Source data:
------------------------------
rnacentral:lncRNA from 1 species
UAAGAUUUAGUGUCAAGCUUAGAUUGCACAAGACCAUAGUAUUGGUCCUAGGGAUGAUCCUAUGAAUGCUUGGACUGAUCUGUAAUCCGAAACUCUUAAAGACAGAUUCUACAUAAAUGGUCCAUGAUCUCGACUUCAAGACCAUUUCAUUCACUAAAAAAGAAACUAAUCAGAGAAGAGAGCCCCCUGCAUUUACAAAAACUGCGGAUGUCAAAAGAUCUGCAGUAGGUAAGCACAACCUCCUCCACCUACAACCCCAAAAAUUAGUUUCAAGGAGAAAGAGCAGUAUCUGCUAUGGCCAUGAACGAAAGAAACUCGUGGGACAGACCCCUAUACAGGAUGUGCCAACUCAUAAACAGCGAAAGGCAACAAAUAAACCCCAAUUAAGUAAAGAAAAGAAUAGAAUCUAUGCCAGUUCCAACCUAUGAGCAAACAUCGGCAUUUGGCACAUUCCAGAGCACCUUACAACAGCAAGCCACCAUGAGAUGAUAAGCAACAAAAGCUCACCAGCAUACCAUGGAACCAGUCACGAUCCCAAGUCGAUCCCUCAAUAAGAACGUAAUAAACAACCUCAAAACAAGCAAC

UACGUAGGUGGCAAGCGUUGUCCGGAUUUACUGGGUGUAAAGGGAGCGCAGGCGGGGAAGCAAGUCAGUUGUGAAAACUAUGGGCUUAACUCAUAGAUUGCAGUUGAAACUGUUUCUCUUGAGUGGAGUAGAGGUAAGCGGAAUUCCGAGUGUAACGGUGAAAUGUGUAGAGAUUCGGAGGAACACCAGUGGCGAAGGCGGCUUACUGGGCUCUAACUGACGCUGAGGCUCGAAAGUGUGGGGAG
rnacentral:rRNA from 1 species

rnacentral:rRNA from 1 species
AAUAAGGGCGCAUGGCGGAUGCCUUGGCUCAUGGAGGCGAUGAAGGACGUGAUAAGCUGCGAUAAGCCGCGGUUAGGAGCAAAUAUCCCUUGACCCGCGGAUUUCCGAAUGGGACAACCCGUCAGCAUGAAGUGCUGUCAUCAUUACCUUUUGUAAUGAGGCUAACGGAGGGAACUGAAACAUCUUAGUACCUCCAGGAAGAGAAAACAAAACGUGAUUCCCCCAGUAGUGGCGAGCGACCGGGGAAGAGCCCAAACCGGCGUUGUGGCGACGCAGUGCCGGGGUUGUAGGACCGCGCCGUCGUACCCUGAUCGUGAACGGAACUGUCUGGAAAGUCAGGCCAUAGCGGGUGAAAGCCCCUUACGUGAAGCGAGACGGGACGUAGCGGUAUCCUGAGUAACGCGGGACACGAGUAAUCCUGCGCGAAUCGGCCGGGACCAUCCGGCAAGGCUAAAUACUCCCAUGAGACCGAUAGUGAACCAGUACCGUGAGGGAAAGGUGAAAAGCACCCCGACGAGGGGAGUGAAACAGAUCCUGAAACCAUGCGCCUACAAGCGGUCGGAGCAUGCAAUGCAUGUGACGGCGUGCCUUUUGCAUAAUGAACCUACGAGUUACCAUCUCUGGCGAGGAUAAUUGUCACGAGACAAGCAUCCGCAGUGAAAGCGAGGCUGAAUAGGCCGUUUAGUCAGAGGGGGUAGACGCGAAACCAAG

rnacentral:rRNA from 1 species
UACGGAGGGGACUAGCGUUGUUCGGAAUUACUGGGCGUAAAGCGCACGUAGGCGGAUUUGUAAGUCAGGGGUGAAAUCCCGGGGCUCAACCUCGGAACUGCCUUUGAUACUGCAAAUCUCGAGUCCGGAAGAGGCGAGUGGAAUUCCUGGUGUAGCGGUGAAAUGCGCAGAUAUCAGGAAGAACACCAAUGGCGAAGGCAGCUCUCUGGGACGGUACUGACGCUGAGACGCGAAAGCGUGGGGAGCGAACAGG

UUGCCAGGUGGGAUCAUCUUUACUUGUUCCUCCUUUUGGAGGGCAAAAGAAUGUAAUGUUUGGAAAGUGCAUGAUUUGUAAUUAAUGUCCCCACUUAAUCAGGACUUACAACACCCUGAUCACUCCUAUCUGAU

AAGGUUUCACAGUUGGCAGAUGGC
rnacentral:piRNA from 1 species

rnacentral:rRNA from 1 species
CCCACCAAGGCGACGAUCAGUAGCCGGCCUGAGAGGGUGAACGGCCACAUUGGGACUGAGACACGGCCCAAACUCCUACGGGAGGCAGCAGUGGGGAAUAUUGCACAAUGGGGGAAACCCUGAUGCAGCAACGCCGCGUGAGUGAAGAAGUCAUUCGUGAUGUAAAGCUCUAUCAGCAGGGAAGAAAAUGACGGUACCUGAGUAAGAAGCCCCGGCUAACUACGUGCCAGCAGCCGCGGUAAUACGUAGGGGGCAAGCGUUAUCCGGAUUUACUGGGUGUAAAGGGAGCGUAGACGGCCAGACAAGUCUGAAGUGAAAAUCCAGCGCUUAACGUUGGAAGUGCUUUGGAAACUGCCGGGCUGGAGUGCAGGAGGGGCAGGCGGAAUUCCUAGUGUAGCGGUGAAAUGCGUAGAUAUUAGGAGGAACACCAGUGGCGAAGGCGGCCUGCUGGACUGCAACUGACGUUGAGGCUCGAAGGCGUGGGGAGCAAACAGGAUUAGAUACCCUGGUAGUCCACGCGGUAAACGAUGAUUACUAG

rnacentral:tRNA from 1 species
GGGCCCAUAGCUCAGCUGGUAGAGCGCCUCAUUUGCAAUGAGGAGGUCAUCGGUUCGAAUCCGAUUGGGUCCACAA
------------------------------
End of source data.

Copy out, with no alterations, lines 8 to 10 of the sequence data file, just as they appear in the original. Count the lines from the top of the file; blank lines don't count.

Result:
UACGGAGGGGACUAGCGUUGUUCGGAAUUACUGGGCGUAAAGCGCACGUAGGCGGAUUUGUAAGUCAGGGGUGAAAUCCCGGGGCUCAACCUCGGAACUGCCUUUGAUACUGCAAAUCUCGAGUCCGGAAGAGGCGAGUGGAAUUCCUGGUGUAGCGGUGAAAUGCGCAGAUAUCAGGAAGAACACCAAUGGCGAAGGCAGCUCUCUGGGACGGUACUGACGCUGAGACGCGAAAGCGUGGGGAGCGAACAGG

UUGCCAGGUGGGAUCAUCUUUACUUGUUCCUCCUUUUGGAGGGCAAAAGAAUGUAAUGUUUGGAAAGUGCAUGAUUUGUAAUUAAUGUCCCCACUUAAUCAGGACUUACAACACCCUGAUCACUCCUAUCUGAU

AAGGUUUCACAGUUGGCAGAUGGC